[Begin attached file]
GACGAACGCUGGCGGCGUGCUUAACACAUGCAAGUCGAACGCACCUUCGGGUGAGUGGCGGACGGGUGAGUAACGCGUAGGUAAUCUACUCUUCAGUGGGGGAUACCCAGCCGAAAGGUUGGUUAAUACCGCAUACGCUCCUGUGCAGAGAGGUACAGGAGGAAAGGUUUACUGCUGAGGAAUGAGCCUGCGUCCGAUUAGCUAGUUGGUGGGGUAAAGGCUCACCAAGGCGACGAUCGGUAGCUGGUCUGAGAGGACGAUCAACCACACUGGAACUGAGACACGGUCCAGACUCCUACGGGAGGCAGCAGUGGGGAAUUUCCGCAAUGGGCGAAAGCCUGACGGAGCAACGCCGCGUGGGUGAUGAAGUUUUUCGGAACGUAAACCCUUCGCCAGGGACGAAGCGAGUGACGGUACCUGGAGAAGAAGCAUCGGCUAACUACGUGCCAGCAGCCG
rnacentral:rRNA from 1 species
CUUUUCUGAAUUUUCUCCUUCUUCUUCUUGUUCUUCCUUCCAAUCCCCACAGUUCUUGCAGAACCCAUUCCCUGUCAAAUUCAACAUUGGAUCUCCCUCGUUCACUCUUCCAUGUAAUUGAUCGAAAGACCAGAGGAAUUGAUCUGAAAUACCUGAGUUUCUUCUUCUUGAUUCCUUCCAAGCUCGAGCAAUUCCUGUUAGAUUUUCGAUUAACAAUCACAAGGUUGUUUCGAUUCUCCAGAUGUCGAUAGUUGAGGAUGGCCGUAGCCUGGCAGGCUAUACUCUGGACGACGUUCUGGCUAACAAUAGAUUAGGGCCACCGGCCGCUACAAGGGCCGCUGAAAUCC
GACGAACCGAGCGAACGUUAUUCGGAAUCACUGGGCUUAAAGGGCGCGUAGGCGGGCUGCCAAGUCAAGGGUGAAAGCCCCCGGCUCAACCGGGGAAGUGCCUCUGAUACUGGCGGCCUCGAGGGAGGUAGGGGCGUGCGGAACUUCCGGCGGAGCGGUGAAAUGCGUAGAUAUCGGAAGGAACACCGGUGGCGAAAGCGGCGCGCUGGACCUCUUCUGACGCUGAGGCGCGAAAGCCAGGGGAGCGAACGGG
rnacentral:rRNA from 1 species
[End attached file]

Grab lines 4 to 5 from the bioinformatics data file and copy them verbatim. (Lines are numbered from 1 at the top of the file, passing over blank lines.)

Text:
GACGAACCGAGCGAACGUUAUUCGGAAUCACUGGGCUUAAAGGGCGCGUAGGCGGGCUGCCAAGUCAAGGGUGAAAGCCCCCGGCUCAACCGGGGAAGUGCCUCUGAUACUGGCGGCCUCGAGGGAGGUAGGGGCGUGCGGAACUUCCGGCGGAGCGGUGAAAUGCGUAGAUAUCGGAAGGAACACCGGUGGCGAAAGCGGCGCGCUGGACCUCUUCUGACGCUGAGGCGCGAAAGCCAGGGGAGCGAACGGG
rnacentral:rRNA from 1 species